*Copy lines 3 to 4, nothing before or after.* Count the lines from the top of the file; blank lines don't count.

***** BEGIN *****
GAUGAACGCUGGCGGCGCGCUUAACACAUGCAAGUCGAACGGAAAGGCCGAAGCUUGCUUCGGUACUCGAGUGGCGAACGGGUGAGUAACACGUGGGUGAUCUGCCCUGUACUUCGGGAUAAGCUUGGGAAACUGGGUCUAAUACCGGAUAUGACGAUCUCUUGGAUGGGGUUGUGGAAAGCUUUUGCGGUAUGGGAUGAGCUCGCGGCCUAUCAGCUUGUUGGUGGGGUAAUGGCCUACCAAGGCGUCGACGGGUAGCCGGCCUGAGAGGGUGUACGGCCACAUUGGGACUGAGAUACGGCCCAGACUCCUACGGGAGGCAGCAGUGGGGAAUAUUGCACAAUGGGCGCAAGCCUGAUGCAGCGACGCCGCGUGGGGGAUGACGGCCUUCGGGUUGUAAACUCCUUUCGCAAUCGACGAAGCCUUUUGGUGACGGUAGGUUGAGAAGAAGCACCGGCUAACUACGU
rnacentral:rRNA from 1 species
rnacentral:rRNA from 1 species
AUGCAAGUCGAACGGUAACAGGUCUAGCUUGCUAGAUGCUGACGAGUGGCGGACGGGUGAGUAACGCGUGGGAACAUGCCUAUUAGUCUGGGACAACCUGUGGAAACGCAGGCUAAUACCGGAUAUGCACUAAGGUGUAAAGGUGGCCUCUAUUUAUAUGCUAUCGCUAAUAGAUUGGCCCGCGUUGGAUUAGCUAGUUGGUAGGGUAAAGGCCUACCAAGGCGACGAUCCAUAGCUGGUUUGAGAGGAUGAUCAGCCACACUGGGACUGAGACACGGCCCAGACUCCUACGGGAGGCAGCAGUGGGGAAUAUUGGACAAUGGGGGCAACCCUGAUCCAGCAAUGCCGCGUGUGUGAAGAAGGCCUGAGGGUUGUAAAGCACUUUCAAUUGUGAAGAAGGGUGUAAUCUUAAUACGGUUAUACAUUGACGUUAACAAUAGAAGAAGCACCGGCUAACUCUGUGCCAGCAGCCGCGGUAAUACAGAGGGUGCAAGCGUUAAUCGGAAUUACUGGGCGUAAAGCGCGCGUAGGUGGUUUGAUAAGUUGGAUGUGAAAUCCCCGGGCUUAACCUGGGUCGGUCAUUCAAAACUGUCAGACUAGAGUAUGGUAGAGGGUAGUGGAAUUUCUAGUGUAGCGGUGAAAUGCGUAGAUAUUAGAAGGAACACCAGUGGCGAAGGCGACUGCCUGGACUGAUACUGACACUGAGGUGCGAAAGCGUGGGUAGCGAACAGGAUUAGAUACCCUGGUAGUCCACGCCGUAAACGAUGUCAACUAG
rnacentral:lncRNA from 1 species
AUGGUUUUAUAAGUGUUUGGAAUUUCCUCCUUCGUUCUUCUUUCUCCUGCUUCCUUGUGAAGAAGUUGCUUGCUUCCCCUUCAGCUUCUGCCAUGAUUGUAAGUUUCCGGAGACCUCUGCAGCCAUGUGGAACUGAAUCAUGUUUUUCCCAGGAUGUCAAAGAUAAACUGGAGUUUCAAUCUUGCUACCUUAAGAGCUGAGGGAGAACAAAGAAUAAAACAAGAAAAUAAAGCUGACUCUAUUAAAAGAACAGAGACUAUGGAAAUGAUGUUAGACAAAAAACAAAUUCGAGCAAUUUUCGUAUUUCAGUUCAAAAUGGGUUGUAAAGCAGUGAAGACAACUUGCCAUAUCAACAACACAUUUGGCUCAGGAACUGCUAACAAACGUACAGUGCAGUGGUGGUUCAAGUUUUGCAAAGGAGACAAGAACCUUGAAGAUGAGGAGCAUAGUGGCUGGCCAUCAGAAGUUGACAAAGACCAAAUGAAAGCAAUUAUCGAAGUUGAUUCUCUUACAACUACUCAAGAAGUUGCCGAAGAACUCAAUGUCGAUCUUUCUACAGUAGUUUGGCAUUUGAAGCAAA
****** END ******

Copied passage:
rnacentral:rRNA from 1 species
AUGCAAGUCGAACGGUAACAGGUCUAGCUUGCUAGAUGCUGACGAGUGGCGGACGGGUGAGUAACGCGUGGGAACAUGCCUAUUAGUCUGGGACAACCUGUGGAAACGCAGGCUAAUACCGGAUAUGCACUAAGGUGUAAAGGUGGCCUCUAUUUAUAUGCUAUCGCUAAUAGAUUGGCCCGCGUUGGAUUAGCUAGUUGGUAGGGUAAAGGCCUACCAAGGCGACGAUCCAUAGCUGGUUUGAGAGGAUGAUCAGCCACACUGGGACUGAGACACGGCCCAGACUCCUACGGGAGGCAGCAGUGGGGAAUAUUGGACAAUGGGGGCAACCCUGAUCCAGCAAUGCCGCGUGUGUGAAGAAGGCCUGAGGGUUGUAAAGCACUUUCAAUUGUGAAGAAGGGUGUAAUCUUAAUACGGUUAUACAUUGACGUUAACAAUAGAAGAAGCACCGGCUAACUCUGUGCCAGCAGCCGCGGUAAUACAGAGGGUGCAAGCGUUAAUCGGAAUUACUGGGCGUAAAGCGCGCGUAGGUGGUUUGAUAAGUUGGAUGUGAAAUCCCCGGGCUUAACCUGGGUCGGUCAUUCAAAACUGUCAGACUAGAGUAUGGUAGAGGGUAGUGGAAUUUCUAGUGUAGCGGUGAAAUGCGUAGAUAUUAGAAGGAACACCAGUGGCGAAGGCGACUGCCUGGACUGAUACUGACACUGAGGUGCGAAAGCGUGGGUAGCGAACAGGAUUAGAUACCCUGGUAGUCCACGCCGUAAACGAUGUCAACUAG